I spent the last month of my summer-long trip to Asia last year in Northern India. It was a fluke that I ended there—I had intended on staying close to Varanasi, tracing the path of the Ganges. But being a Western woman traveling alone, I was easy prey for travel agents. A few cups of chai, and next thing I know, I'm flying to Kashmir and then taking a two-day bus ride to Ladakh.
Now that I'm fully back in my everyday life, it's my experience in Ladakh that I yearn to re-create—and the key lies somewhere between cooking and savoring. Every morning I awoke to sun and a 9,000-foot view of the Himalayas with nothing to do but read, write, walk, and eat. I had my pick of restaurants—all cuisines were available, despite the elevation and absence of vegetation. But I preferred a predominantly Indian restaurant with rooftop seating and a perfect view. On a typical day, I would arrive just as the naan was being taken out of the oven. The waiters would spot me as I climbed the stairs, and like a scene from an old musical, they would line up with calls of "How are you this morning, Madam? Good morning, Madam!" "Black tea, Madam?" and then escort me to my table, their line breaking away as we moved closer to my intended table.
I never had a bad meal there. But, no disrespect to the cooks, the food had little to do with it. Eating is only part of consumption, I've realized—only part of digestion. What I was given every day this summer was the perfect storm of eating—leisure, beauty, fresh ingredients assembled on site, and care. I would take two hours to eat my dal, rice and naan while reading, writing, and chatting with the waiters. Often, it would be my one meal of the day. That fact startles most friends—as I am known for an iron stomach and bottomless appetite. But in Ladakh, something shifted. In one meal, I had gotten everything I needed.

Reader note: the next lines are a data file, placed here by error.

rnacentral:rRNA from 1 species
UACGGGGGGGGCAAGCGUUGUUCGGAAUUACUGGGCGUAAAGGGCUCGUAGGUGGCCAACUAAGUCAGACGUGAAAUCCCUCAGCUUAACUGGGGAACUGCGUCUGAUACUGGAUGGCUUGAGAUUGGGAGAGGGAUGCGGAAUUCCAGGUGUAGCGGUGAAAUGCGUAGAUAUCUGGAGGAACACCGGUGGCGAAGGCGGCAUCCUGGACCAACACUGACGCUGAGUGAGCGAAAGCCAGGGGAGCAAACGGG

With my return, something has shifted again. I have resumed my utilitarian relationship with food—one confined to lists and plans. When I first got back in late August, I challenged myself to eat only once a day. Then I moved on to eating all the food I missed. Then, disgusted, I began making a rotating menu of dal—varying my lentils and vegetables. Then I reverted to the oldest of habits and ate out more and more. When I did cook, the operating function was to make whatever would fill me. All while ignoring that most of what I ate didn't feel good—in any way.
With the hindsight that the new year offers, I began to see that my dissatisfaction was not the result of what I was eating. Rather, it was about how I was eating—and more importantly, how I was cooking. As much as I love food and as much as I enjoy cooking food, it is only on special occasions that I truly immerse myself in the process—choosing ingredients with care, freestyling from recipes, losing myself somewhere between chopping vegetables and pulling the dish from the oven.
The food that I have been making since losing sight of my stay in Northern India reflected this lack of attention —no matter the quality of ingredients. Evidence from disasters in December still live in my freezer—sprouted wheat linguine with chard and pistachio pesto; Pad Thai with a ginger-heavy peanut sauce; innocent four-grain oatmeal with currents and walnuts. These will never see the light of day again. The care was not there. Inevitably, these recipes gone awry were the result of Sunday nights where I was distracted by the details of the upcoming week, and so my focus was task-based. I cooked to be done so I could eat and be done. It was the complete opposite of what I experienced this summer.
So, with the promise of the New Year, I am trying once again--but, more importantly, not trying. I go to the store and see what looks good, feels good, smells good. And then I make the time to cook, the real way. Feet firmly on the floor, eyes open. Full body, full focus. I put myself in it, the same way I run or do yoga. And the result tastes much better.